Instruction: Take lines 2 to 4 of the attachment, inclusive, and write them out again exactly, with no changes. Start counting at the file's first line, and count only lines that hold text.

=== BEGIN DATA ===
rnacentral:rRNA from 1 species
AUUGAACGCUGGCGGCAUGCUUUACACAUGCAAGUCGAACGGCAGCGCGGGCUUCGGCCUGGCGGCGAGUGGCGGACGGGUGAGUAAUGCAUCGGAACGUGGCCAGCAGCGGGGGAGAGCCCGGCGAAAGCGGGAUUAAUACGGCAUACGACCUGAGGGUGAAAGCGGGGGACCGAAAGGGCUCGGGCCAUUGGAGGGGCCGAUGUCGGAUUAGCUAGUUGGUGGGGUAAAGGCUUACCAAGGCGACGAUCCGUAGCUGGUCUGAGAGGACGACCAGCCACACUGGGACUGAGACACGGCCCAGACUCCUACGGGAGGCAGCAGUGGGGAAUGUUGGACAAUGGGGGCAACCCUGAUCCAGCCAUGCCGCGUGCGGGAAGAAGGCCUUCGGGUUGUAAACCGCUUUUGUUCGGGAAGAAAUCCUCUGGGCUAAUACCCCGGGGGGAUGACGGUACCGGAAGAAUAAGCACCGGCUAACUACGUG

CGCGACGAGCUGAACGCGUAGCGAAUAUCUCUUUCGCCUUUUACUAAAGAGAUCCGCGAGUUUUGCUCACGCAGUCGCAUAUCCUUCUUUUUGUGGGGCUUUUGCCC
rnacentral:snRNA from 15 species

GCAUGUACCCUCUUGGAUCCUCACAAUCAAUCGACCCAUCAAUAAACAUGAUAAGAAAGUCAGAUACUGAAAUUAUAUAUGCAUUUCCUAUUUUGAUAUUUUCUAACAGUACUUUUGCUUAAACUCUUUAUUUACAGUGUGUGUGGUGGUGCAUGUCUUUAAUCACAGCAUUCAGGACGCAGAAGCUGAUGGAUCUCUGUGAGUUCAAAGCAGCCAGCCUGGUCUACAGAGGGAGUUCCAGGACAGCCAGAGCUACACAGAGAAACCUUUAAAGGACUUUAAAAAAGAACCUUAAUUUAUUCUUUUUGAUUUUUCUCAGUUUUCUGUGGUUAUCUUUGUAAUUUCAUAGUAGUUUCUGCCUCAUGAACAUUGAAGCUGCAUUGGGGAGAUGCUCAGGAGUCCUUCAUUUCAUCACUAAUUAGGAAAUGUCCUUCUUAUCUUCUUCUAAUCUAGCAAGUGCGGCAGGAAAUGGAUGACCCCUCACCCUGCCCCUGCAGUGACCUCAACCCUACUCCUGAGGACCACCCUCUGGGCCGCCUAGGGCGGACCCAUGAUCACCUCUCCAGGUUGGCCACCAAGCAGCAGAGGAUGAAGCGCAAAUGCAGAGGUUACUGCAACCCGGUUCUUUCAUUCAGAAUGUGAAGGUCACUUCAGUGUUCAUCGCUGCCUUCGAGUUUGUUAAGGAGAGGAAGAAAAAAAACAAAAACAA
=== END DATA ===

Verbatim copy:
AUUGAACGCUGGCGGCAUGCUUUACACAUGCAAGUCGAACGGCAGCGCGGGCUUCGGCCUGGCGGCGAGUGGCGGACGGGUGAGUAAUGCAUCGGAACGUGGCCAGCAGCGGGGGAGAGCCCGGCGAAAGCGGGAUUAAUACGGCAUACGACCUGAGGGUGAAAGCGGGGGACCGAAAGGGCUCGGGCCAUUGGAGGGGCCGAUGUCGGAUUAGCUAGUUGGUGGGGUAAAGGCUUACCAAGGCGACGAUCCGUAGCUGGUCUGAGAGGACGACCAGCCACACUGGGACUGAGACACGGCCCAGACUCCUACGGGAGGCAGCAGUGGGGAAUGUUGGACAAUGGGGGCAACCCUGAUCCAGCCAUGCCGCGUGCGGGAAGAAGGCCUUCGGGUUGUAAACCGCUUUUGUUCGGGAAGAAAUCCUCUGGGCUAAUACCCCGGGGGGAUGACGGUACCGGAAGAAUAAGCACCGGCUAACUACGUG

CGCGACGAGCUGAACGCGUAGCGAAUAUCUCUUUCGCCUUUUACUAAAGAGAUCCGCGAGUUUUGCUCACGCAGUCGCAUAUCCUUCUUUUUGUGGGGCUUUUGCCC
rnacentral:snRNA from 15 species